I highly recommend that anyone using Modbus/RTU over RS485 should browse the web for further information. Here are a few articles that I’ve found to be particularly useful and interesting:
EtherMeter Connected To A Remote Controller Via Belden 8723 Cable. The EtherMeter Is A Modbus/RTU Slave, And It Shares The Same 24VDC Power Supply As The Modbus/RTU Master.
The Connected Meter: A Neptune 6″ HP Turbine, Outfitted With An E-Coder Register.
The “E-Coder” is an excellent water meter register, manufactured by Neptune Technology Group, that features an all-digital LCD display activated and powered by an integral solar cell. The register as a whole does not contain a battery, and it is entirely powered by a combination of hydroelectric energy (water passing through the meter) and the solar cell.
Neptune Meter Equipped With E-Coder Register
In order to minimize power consumption, the E-Coder register only activates its LCD when exposed to sunlight or another compatible light source, such as a flashlight. When the LCD is activated, the display alternates between meter totalization and flow rate. When inactive, the LCD is simply blank. While the ECoder is being interrogated by a SCADA device (eg “EtherMeter”) or AMR endpoint (eg “R900″), the LCD will go blank until the interrogation is complete — usually no more than 1 or 2 seconds at a time.
Note that if a flashlight is to be used for activating the LCD, the beam should be pointed directly at the solar cell at close range and from directly above. The beam should be held steady until the 9-digit totalization is displayed. In our experience, most flashlights will work.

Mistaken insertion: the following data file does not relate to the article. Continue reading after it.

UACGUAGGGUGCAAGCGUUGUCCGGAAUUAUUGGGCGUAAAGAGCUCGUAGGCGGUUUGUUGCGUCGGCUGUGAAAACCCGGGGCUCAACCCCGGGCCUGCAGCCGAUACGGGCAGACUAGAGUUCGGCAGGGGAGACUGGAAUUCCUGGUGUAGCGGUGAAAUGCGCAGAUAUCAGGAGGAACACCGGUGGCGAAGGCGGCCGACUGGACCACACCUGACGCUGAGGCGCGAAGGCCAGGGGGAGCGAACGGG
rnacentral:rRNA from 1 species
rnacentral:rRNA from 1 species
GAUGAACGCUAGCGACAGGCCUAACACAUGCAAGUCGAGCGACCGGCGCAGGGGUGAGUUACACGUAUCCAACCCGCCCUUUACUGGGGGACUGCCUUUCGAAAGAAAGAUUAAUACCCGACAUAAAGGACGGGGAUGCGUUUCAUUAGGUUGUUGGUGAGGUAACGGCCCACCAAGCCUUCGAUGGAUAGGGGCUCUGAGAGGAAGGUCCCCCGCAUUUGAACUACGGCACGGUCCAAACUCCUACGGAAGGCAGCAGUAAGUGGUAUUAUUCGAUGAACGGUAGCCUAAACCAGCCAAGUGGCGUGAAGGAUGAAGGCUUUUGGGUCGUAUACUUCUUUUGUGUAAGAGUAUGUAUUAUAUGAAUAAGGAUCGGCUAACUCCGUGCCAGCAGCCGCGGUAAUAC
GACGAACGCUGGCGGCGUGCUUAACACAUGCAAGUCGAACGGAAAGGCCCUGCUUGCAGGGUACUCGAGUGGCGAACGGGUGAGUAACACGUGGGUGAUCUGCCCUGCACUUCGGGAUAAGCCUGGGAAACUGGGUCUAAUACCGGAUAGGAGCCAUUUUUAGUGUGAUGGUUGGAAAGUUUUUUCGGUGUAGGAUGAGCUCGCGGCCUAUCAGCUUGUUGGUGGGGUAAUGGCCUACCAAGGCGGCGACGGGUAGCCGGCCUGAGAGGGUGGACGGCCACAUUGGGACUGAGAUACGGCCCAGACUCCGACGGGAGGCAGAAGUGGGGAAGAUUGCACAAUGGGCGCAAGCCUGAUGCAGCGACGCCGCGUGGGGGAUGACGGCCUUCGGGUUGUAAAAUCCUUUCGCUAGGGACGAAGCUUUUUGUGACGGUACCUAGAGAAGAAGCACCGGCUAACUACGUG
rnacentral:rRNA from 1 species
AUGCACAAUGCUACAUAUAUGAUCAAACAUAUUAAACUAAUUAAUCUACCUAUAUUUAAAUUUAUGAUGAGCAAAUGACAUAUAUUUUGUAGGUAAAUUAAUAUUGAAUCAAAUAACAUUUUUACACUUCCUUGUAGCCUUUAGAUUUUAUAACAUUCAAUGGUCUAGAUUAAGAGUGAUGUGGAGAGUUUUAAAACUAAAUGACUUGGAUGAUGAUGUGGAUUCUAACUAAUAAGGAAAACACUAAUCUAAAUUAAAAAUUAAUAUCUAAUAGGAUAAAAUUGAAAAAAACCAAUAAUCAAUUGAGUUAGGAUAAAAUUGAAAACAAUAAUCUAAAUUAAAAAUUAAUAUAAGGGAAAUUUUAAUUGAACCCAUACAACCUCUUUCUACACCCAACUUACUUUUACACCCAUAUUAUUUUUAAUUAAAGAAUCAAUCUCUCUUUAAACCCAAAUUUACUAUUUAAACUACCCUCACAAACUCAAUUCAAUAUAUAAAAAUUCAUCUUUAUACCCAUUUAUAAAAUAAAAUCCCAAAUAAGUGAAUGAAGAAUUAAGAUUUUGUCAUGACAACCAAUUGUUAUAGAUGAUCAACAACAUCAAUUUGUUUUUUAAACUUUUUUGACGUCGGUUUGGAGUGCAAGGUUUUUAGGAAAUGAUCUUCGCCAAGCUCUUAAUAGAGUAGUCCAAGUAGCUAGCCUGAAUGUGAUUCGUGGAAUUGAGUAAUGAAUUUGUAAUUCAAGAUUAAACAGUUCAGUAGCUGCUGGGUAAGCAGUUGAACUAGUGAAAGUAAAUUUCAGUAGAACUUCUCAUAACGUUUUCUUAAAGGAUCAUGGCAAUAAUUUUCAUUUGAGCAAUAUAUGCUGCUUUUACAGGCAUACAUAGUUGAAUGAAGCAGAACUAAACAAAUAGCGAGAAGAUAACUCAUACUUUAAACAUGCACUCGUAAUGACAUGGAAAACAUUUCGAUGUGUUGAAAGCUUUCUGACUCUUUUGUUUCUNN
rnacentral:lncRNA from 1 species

Looking for a flashlight recommendation? The Model 2000 “Super SabreLite” flashlight by Pelican is an excellent flashlight tailored for the Water Industry, as it has a sturdy outer shell and is rated for submersion. It features a Xenon-based bulb that is powered by three (3) C-Cell batteries and produces a strong light of 33 lumens/12,000 candelas. The Pelican 2000 may be purchased from Grainger as Part No. 4JC10, or from another Pelican supplier. A set of new Duracell C-Cell batteries are recommended. The replacement bulb is Pelican Part Number 2004, available as Grainger Part No. 4JC11. (Batteries are not included with this flashlight.)
The ECoder’s glass cover should be kept as clean as possible, as any residue or debris will weaken the light that is intended for the solar cell. If the ECoder register is interrogated automatically at short polling intervals (for instance, the EtherMeter’s default meter polling interval is every 8 seconds) — then the LCD may cease to display the meter totalization and flow-rate, even when activated with direct sunlight or a bright flashlight. If this poses a problem for the user, then the EtherMeter polling interval should be increased to 20 or 30 seconds. (eg. SET SAMPn 30) On the other hand, the user can always rely upon the EtherMeter’s LCD display, since it echos the flow-rate and an exact duplicate of the totalization from the ECoder.
Pelican 2000 “Super SabreLite”
Over at control.com, a PLC engineer was working to troubleshoot the connection between two PLC’s.
Having done this way back when, I decided to post what I think was a pretty nifty solution.
(Besides, this could be useful for troubleshooting communications between any two pieces of computer equipment, including an EtherMeter.)
In my case, I had both a master and a slave PLC connected via RS-232 serial (null-modem) cable; and I planned to use my notebook computer’s two serial ports to “snoop” the data transmitted from each of these PLC’s.
I cut open the RS-232 cable and used alligator clips to “snoop” the TxD lines from both PLC’s plus the GND line. I did not break the connection, though.
On my notebook (snooper) COM1, I connected my RxD and GND to the Master PLC’s TxD and GND…. and on my notebook (snooper) COM2, I connected my RxD and GND to the Slave PLC’s TxD and GND.
COM1 would listen to (and log) data from the Master; and COM2 would listen to (and log) data from the Slave.
This eliminated the need to have my “snooper” software receive and re-transmit data. I only needed to listen to, and log data from, each of my notebook’s COM ports.
The reason that this works is because a single RS-232 TxD line is capable of driving two RS-232 RxD lines.
My “snooper” program was written in C++ and compiled with MS VC++ 6.0
Here is a link to the “snooper” source code file…